Headaches are a either a symptom of an underlying health condition (secondary headache) or just occur, but not caused by illness or injury (primary headache). Pain around the face, head or neck is classed as a headache. Even though they are a common cause of pain, most headaches are not serious. Many people experience at least one during their life.

Headaches are a common complaint; however, one of the most complicated to treat. In Australia:

  • 7 milliontension-type headache sufferers (36% men and 42% women)
  • 9 millionAustralians experience migraine*
  • 23% of households with at least one migraine sufferer
  • Migraine prevalence increases from 12-40 years and declines thereafter
  • Almost all people with migraines experience reductions in social activities and work capacity
  • 60% of people with tension-type headache experience reductions in social activities and work capacity
  • direct and indirect costs of migraine – $35.7 billion per annum*

*Migraine in Australia, Deloitte Access Economics Report, 2018.

Headache Types

Primary headaches

Primary headaches are the most common and include tension headaches, migraine and cluster headaches. Primary headaches can be caused by:

  • dehydration
  • drinking too much alcohol or eating certain foods
  • eye strain or squinting
  • lack of sleep
  • poor posture
  • skipping a meal
  • stress

Sometimes there is no obvious cause.

Secondary headaches

Secondary headaches have a separate cause, such as illness or general medical condition affecting the brain and its coverings.

  • Drinking too much alcohol
  • Head injuryor concussion
  • Hormones – changes due the contraceptive pill, menopause and pregnancy can trigger headaches
  • Side effect of medication, such as painkillers
  • Unwell – cold, sinusitis, flu or allergic reaction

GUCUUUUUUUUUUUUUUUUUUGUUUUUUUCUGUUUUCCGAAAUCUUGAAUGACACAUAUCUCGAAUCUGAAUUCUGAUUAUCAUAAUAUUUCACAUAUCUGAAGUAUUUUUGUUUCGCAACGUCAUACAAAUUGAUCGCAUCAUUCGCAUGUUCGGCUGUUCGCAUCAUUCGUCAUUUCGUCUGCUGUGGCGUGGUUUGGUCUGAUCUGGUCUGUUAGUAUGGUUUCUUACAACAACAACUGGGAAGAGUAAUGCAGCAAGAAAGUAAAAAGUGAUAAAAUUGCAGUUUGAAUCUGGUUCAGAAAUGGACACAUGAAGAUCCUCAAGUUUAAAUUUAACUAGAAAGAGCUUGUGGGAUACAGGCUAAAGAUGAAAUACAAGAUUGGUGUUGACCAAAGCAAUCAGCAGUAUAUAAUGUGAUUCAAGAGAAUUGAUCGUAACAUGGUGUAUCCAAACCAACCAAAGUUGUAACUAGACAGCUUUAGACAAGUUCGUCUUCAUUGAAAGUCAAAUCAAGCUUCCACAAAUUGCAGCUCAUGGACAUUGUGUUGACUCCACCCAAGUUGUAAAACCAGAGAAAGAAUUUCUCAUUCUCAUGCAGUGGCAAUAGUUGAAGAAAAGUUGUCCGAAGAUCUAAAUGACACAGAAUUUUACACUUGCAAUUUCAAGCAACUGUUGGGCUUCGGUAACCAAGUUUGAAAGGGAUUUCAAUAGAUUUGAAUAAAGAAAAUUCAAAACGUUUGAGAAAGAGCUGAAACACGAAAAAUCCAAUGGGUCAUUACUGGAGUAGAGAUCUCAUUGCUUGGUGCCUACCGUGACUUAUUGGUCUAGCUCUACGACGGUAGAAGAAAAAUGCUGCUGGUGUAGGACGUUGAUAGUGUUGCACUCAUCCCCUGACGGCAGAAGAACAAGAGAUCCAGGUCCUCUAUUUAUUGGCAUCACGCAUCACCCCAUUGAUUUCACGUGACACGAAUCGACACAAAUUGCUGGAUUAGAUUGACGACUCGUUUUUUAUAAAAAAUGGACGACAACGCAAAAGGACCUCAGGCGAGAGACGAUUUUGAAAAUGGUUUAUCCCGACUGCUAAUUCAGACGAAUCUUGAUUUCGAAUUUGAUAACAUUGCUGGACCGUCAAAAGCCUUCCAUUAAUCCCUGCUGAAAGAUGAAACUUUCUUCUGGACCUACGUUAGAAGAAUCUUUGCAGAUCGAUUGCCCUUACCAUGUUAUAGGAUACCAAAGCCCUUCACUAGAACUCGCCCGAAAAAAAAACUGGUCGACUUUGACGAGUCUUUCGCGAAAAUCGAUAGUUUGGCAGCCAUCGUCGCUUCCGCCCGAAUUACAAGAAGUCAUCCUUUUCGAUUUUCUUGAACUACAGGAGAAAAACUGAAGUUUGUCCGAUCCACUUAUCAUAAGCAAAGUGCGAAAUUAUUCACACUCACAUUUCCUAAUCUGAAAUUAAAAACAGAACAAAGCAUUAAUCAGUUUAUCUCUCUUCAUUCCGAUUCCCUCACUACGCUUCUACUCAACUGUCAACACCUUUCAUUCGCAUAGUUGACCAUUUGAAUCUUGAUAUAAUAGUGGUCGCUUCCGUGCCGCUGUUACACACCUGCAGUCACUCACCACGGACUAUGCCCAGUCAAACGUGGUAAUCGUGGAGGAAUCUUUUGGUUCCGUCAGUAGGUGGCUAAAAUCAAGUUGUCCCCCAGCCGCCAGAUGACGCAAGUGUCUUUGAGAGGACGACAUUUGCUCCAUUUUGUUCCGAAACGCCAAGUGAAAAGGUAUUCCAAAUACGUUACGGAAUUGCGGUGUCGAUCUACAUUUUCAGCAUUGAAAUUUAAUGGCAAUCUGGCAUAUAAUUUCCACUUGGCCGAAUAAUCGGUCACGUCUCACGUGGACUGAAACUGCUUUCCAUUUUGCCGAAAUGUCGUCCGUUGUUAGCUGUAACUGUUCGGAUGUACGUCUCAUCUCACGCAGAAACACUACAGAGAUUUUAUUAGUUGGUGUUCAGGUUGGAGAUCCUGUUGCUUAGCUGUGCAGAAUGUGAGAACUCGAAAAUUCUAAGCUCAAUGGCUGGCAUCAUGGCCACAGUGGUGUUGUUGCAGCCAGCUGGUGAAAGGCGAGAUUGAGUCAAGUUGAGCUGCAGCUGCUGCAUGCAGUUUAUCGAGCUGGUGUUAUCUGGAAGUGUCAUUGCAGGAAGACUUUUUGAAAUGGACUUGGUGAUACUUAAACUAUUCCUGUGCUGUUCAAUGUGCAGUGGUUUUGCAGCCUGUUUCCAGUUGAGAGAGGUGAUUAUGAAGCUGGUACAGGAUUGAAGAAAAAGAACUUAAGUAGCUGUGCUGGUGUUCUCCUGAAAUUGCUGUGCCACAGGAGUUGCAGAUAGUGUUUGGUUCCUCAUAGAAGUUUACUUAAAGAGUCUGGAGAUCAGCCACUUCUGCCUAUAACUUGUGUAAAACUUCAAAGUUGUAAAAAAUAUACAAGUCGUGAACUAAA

Allied health practitioners such as osteopaths and myotherapists can help with several of the mechanical causes of headache.


Signs a headache can be treated by an allied health practitioner if they occur with a headache-type pain:

  • Head pain when neck remains in same position for some time
  • Mild sickness in stomach
  • Mild sensitivity to light or noise and visual changes
  • Muscle aches – particularly around the neck, shoulders and jaw areas
  • Sudden movement of neck
  • Trouble sleeping
  • Tiredness, irritability, trouble focusing


  • Thorough case history – we want to know the what, where, why, how
  • Range of Motion Testing
  • Simple neurological/orthopaedic testing
  • Muscle assessment

This allows possible diagnosis of the type of headache and if a referral is necessary. Osteopaths are trained to recognise differences between a potentially serious cause and benign cause of headaches.

Treatment (dependent on cause)

  • Management or removal of triggers – a headache diary can be a simple way of assessing patterns when a headache occurs. This makes it easier to remove aggravating factors.
  • Hands-on manual therapy such as soft tissue massage and gentle movement
  • Exercises and stretches
  • Relaxation techniques
  • Referral to GP for better management options or further investigation if outside an allied health professional’s expertise
  • Communication with other health team members such as doctors, personal trainer, other therapists

Seek immediate medical attention if experience headache and any of the following:

  • altered speech
  • blinding headache that appears suddenly and worsens
  • bleeding or fluid from nose or ears
  • confusion or memory loss
  • drowsiness
  • dizziness
  • eye pain – intense
  • fever
  • jaw pain when chewing
  • nausea or vomiting
  • numbness or tingling
  • rash
  • scalp soreness
  • severe head injury
  • stiff neck
  • sudden headache when coughing, laughing, sneezing or moving
  • visual disturbances
  • weakness, or trouble walking

Learn more about this condition:

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